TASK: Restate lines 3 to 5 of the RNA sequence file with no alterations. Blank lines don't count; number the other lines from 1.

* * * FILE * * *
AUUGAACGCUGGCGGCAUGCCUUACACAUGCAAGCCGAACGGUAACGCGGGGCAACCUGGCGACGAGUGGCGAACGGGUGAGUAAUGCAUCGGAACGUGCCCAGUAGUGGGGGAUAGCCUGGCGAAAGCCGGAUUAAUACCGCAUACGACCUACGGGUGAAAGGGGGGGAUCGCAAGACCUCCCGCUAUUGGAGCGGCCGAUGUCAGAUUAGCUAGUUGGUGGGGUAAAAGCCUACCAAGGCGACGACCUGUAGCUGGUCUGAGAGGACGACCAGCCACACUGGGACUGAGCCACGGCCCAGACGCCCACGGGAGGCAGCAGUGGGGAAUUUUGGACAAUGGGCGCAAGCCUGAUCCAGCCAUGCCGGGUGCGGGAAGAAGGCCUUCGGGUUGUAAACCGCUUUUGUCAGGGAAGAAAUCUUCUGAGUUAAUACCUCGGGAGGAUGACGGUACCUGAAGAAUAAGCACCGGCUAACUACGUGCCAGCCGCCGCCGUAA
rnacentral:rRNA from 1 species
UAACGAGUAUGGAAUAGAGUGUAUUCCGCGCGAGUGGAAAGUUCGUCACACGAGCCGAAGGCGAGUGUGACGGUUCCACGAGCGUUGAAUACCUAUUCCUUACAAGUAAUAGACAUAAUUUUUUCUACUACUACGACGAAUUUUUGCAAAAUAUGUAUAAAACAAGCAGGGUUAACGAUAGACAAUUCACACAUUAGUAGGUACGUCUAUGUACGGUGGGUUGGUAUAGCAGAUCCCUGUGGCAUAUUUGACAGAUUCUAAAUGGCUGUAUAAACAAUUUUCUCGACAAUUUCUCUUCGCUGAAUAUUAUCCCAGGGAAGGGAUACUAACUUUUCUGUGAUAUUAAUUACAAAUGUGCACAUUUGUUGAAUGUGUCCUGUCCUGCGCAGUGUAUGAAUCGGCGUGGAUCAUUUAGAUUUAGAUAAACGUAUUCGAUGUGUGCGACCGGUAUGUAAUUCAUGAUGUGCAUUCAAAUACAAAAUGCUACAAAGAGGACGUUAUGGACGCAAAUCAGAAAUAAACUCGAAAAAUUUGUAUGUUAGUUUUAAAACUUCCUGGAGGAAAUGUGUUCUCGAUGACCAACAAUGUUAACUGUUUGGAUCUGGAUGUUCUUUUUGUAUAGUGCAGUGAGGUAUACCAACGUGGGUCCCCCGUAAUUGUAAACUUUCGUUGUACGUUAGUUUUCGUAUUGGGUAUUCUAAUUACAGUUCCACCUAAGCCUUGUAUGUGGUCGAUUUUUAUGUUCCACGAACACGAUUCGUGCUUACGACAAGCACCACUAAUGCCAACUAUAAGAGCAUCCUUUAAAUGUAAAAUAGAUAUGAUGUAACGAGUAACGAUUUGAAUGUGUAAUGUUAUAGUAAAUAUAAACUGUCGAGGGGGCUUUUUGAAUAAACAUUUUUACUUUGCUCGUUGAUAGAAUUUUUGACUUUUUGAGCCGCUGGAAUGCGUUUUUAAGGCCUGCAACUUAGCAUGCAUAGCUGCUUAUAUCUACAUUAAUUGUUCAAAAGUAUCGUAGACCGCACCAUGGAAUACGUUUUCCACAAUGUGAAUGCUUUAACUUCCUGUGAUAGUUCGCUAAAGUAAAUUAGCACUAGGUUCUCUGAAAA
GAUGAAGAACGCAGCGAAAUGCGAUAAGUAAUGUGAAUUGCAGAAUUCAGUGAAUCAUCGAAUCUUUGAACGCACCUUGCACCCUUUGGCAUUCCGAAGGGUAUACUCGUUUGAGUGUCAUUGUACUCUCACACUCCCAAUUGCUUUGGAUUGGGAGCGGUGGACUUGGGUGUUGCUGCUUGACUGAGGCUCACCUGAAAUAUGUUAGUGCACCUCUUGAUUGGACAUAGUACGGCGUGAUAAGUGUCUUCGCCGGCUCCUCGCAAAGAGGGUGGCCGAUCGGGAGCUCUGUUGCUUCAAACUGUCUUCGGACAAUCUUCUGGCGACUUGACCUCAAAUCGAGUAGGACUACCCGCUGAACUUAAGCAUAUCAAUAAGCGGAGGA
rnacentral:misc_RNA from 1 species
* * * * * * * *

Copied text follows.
UAACGAGUAUGGAAUAGAGUGUAUUCCGCGCGAGUGGAAAGUUCGUCACACGAGCCGAAGGCGAGUGUGACGGUUCCACGAGCGUUGAAUACCUAUUCCUUACAAGUAAUAGACAUAAUUUUUUCUACUACUACGACGAAUUUUUGCAAAAUAUGUAUAAAACAAGCAGGGUUAACGAUAGACAAUUCACACAUUAGUAGGUACGUCUAUGUACGGUGGGUUGGUAUAGCAGAUCCCUGUGGCAUAUUUGACAGAUUCUAAAUGGCUGUAUAAACAAUUUUCUCGACAAUUUCUCUUCGCUGAAUAUUAUCCCAGGGAAGGGAUACUAACUUUUCUGUGAUAUUAAUUACAAAUGUGCACAUUUGUUGAAUGUGUCCUGUCCUGCGCAGUGUAUGAAUCGGCGUGGAUCAUUUAGAUUUAGAUAAACGUAUUCGAUGUGUGCGACCGGUAUGUAAUUCAUGAUGUGCAUUCAAAUACAAAAUGCUACAAAGAGGACGUUAUGGACGCAAAUCAGAAAUAAACUCGAAAAAUUUGUAUGUUAGUUUUAAAACUUCCUGGAGGAAAUGUGUUCUCGAUGACCAACAAUGUUAACUGUUUGGAUCUGGAUGUUCUUUUUGUAUAGUGCAGUGAGGUAUACCAACGUGGGUCCCCCGUAAUUGUAAACUUUCGUUGUACGUUAGUUUUCGUAUUGGGUAUUCUAAUUACAGUUCCACCUAAGCCUUGUAUGUGGUCGAUUUUUAUGUUCCACGAACACGAUUCGUGCUUACGACAAGCACCACUAAUGCCAACUAUAAGAGCAUCCUUUAAAUGUAAAAUAGAUAUGAUGUAACGAGUAACGAUUUGAAUGUGUAAUGUUAUAGUAAAUAUAAACUGUCGAGGGGGCUUUUUGAAUAAACAUUUUUACUUUGCUCGUUGAUAGAAUUUUUGACUUUUUGAGCCGCUGGAAUGCGUUUUUAAGGCCUGCAACUUAGCAUGCAUAGCUGCUUAUAUCUACAUUAAUUGUUCAAAAGUAUCGUAGACCGCACCAUGGAAUACGUUUUCCACAAUGUGAAUGCUUUAACUUCCUGUGAUAGUUCGCUAAAGUAAAUUAGCACUAGGUUCUCUGAAAA
GAUGAAGAACGCAGCGAAAUGCGAUAAGUAAUGUGAAUUGCAGAAUUCAGUGAAUCAUCGAAUCUUUGAACGCACCUUGCACCCUUUGGCAUUCCGAAGGGUAUACUCGUUUGAGUGUCAUUGUACUCUCACACUCCCAAUUGCUUUGGAUUGGGAGCGGUGGACUUGGGUGUUGCUGCUUGACUGAGGCUCACCUGAAAUAUGUUAGUGCACCUCUUGAUUGGACAUAGUACGGCGUGAUAAGUGUCUUCGCCGGCUCCUCGCAAAGAGGGUGGCCGAUCGGGAGCUCUGUUGCUUCAAACUGUCUUCGGACAAUCUUCUGGCGACUUGACCUCAAAUCGAGUAGGACUACCCGCUGAACUUAAGCAUAUCAAUAAGCGGAGGA
rnacentral:misc_RNA from 1 species